Wendy Fontaine is traveling from one coast to the other for HippoCamp (well, almost: Pennsylvania is a landlocked state, but we’re not far from the Atlantic!), and aside from California sunshine the writer-slash-journalism professor is bringing along knowledge about the fallacies of memory and how we can use what we forget in our memoirs. Our journal is named after a part of the brain, so we’re intrigued by her session!
Wendy took some time to share some details about her upcoming session at our creative nonfiction conference:
Hippocampus: We don’t want to give too much away about your session, but please share with us a golden nugget that you hope attendees will take away from your talk that isn’t found on the program description.
Wendy: I hope that attendees take away the notion that there is a lot of narrative significance in the things we misremember. The neuroscience of memory is fascinating! A little understanding of why we remember and how we remember can provide a lot of freedom for getting our prose down on paper.
Tell us who would benefit most from your session and why.
When I first started writing memoir, I was upset by how much I couldn’t remember, partly because of traumatic experience. The person who would benefit most from my session is someone who is writing about a significant event but struggling with details that are murky due to trauma, illness, blocking and other so-called fallacies of memory.
What is your best advice for attending a writing conference, whether it’s for newbies or veterans?
I’ve been going to writing conferences since the fourth grade, but this is my first time as a featured speaker. The best times I’ve had were the ones where I decided to take fewer notes and meet more people. So I’m looking forward to meeting lots of writers and hearing about their work.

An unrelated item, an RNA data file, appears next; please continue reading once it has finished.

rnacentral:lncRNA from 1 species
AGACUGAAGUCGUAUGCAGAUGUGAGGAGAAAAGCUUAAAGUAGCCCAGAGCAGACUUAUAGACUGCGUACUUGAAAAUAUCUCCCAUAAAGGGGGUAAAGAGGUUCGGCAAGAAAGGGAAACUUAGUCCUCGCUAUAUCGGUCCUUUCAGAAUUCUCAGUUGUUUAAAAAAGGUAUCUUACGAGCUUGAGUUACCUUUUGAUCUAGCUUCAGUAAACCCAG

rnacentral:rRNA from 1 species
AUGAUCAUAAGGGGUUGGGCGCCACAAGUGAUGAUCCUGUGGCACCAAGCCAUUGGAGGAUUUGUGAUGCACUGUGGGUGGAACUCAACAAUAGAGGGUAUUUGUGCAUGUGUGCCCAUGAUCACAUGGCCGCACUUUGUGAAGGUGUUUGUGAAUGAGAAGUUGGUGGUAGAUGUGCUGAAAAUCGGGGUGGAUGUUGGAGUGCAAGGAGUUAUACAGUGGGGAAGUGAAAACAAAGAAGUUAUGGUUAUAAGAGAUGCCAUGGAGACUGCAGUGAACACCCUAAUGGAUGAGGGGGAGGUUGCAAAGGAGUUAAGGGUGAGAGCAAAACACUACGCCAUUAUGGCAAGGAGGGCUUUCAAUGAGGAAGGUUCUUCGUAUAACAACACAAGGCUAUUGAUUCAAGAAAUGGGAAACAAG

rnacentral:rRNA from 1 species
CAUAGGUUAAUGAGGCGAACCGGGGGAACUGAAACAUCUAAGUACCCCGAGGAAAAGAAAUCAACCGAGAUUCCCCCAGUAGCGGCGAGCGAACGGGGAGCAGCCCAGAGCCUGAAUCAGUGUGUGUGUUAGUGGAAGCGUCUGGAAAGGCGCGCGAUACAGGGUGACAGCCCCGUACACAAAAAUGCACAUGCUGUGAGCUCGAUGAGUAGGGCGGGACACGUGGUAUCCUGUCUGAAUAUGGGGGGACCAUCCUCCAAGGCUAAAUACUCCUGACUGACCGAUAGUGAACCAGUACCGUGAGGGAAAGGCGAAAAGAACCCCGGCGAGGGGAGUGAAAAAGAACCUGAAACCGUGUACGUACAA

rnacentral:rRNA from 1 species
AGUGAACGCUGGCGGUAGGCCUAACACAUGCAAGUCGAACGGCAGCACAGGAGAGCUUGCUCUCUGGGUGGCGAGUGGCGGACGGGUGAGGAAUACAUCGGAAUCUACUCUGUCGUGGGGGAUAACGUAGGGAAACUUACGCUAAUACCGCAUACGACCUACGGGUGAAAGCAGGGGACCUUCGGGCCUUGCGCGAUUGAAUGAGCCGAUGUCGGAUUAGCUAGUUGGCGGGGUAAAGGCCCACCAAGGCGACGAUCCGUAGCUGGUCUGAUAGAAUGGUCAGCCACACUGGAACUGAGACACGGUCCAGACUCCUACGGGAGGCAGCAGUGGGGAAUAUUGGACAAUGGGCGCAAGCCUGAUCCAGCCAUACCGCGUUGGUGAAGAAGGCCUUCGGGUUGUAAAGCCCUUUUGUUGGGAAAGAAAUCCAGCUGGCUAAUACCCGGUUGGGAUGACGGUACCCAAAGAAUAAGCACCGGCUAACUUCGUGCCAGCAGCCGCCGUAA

Aside from speaking, what you are most looking forward to about being part of the inaugural HippoCamp?
I’m looking forward to meeting other writers, meeting agents who might be interested in my work, sharing my research on memory and memoir, and, frankly, because I’m the mother of a very chatty eight-year-old, I’m looking forward to flying in a plane alone.
What’s on your personal conference agenda? Perhaps share with us a session/event you don’t want to miss.
I’m looking forward to Lying to the Tell the Truth, Releasing Fears that Block the Best Work of Your Life, and of course, Lee Gutkind’s keynote address.
What are you most looking forward to about visiting Lancaster? (And if you’re from the central PA region, what are you most excited to share with attendees and other speakers?)
I’m coming all the way from southern California and I’ve never been to Lancaster, so I’m looking forward to exploring for coffee shops, yoga studios and independent bookstores in what I am told is a small, charming city.
Thanks for sharing your thoughts, Wendy! You gave some great conference advice. We can’t wait to welcome you to Lancaster.